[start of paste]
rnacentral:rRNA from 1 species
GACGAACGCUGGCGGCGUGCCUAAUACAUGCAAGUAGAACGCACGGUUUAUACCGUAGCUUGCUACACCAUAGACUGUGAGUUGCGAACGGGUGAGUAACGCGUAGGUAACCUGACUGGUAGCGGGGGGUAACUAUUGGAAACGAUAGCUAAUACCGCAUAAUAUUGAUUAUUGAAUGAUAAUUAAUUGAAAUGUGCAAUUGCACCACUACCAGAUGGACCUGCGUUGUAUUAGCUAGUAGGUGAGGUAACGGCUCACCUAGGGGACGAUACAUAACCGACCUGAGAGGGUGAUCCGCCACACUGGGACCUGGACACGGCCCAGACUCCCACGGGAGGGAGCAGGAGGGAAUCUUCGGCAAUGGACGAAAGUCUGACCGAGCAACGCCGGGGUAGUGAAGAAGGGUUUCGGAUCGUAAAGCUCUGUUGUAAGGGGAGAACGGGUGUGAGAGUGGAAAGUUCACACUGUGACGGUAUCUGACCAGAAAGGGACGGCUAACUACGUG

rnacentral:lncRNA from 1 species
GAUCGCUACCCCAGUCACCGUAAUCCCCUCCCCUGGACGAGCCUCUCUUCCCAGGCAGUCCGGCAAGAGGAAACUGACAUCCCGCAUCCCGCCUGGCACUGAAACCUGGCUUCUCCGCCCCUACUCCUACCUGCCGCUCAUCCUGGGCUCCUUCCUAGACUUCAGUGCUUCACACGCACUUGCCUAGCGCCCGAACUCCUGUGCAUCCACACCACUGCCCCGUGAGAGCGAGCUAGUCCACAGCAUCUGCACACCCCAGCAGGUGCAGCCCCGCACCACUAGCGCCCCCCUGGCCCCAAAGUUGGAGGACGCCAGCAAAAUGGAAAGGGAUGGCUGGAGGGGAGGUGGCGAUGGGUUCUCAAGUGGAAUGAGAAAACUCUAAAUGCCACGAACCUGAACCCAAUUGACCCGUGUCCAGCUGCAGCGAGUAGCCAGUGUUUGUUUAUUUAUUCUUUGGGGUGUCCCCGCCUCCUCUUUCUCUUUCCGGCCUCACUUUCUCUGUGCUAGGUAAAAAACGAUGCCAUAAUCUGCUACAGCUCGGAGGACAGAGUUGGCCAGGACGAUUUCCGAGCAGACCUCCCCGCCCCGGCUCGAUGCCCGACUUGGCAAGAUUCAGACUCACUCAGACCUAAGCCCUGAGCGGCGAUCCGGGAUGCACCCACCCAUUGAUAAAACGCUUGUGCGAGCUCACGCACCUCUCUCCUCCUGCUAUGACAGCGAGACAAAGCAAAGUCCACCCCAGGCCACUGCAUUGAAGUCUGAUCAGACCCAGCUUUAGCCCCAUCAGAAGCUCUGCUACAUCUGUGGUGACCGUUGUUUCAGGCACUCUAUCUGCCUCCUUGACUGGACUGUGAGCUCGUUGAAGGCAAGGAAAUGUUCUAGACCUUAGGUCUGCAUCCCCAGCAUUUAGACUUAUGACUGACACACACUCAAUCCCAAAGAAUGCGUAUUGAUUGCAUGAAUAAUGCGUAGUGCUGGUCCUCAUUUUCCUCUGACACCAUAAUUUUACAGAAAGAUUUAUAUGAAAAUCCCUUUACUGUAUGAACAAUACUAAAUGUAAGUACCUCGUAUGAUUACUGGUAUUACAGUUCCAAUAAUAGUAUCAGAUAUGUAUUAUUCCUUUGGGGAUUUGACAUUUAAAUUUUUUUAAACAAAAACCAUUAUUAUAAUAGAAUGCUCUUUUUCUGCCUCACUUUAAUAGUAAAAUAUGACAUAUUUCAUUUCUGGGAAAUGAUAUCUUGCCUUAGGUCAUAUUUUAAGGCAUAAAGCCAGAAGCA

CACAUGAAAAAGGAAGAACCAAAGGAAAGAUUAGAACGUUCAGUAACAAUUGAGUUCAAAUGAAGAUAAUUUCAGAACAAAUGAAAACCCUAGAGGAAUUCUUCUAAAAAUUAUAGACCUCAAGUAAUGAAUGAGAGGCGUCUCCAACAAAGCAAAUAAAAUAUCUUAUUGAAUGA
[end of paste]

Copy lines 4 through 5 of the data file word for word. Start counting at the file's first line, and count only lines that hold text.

GAUCGCUACCCCAGUCACCGUAAUCCCCUCCCCUGGACGAGCCUCUCUUCCCAGGCAGUCCGGCAAGAGGAAACUGACAUCCCGCAUCCCGCCUGGCACUGAAACCUGGCUUCUCCGCCCCUACUCCUACCUGCCGCUCAUCCUGGGCUCCUUCCUAGACUUCAGUGCUUCACACGCACUUGCCUAGCGCCCGAACUCCUGUGCAUCCACACCACUGCCCCGUGAGAGCGAGCUAGUCCACAGCAUCUGCACACCCCAGCAGGUGCAGCCCCGCACCACUAGCGCCCCCCUGGCCCCAAAGUUGGAGGACGCCAGCAAAAUGGAAAGGGAUGGCUGGAGGGGAGGUGGCGAUGGGUUCUCAAGUGGAAUGAGAAAACUCUAAAUGCCACGAACCUGAACCCAAUUGACCCGUGUCCAGCUGCAGCGAGUAGCCAGUGUUUGUUUAUUUAUUCUUUGGGGUGUCCCCGCCUCCUCUUUCUCUUUCCGGCCUCACUUUCUCUGUGCUAGGUAAAAAACGAUGCCAUAAUCUGCUACAGCUCGGAGGACAGAGUUGGCCAGGACGAUUUCCGAGCAGACCUCCCCGCCCCGGCUCGAUGCCCGACUUGGCAAGAUUCAGACUCACUCAGACCUAAGCCCUGAGCGGCGAUCCGGGAUGCACCCACCCAUUGAUAAAACGCUUGUGCGAGCUCACGCACCUCUCUCCUCCUGCUAUGACAGCGAGACAAAGCAAAGUCCACCCCAGGCCACUGCAUUGAAGUCUGAUCAGACCCAGCUUUAGCCCCAUCAGAAGCUCUGCUACAUCUGUGGUGACCGUUGUUUCAGGCACUCUAUCUGCCUCCUUGACUGGACUGUGAGCUCGUUGAAGGCAAGGAAAUGUUCUAGACCUUAGGUCUGCAUCCCCAGCAUUUAGACUUAUGACUGACACACACUCAAUCCCAAAGAAUGCGUAUUGAUUGCAUGAAUAAUGCGUAGUGCUGGUCCUCAUUUUCCUCUGACACCAUAAUUUUACAGAAAGAUUUAUAUGAAAAUCCCUUUACUGUAUGAACAAUACUAAAUGUAAGUACCUCGUAUGAUUACUGGUAUUACAGUUCCAAUAAUAGUAUCAGAUAUGUAUUAUUCCUUUGGGGAUUUGACAUUUAAAUUUUUUUAAACAAAAACCAUUAUUAUAAUAGAAUGCUCUUUUUCUGCCUCACUUUAAUAGUAAAAUAUGACAUAUUUCAUUUCUGGGAAAUGAUAUCUUGCCUUAGGUCAUAUUUUAAGGCAUAAAGCCAGAAGCA

CACAUGAAAAAGGAAGAACCAAAGGAAAGAUUAGAACGUUCAGUAACAAUUGAGUUCAAAUGAAGAUAAUUUCAGAACAAAUGAAAACCCUAGAGGAAUUCUUCUAAAAAUUAUAGACCUCAAGUAAUGAAUGAGAGGCGUCUCCAACAAAGCAAAUAAAAUAUCUUAUUGAAUGA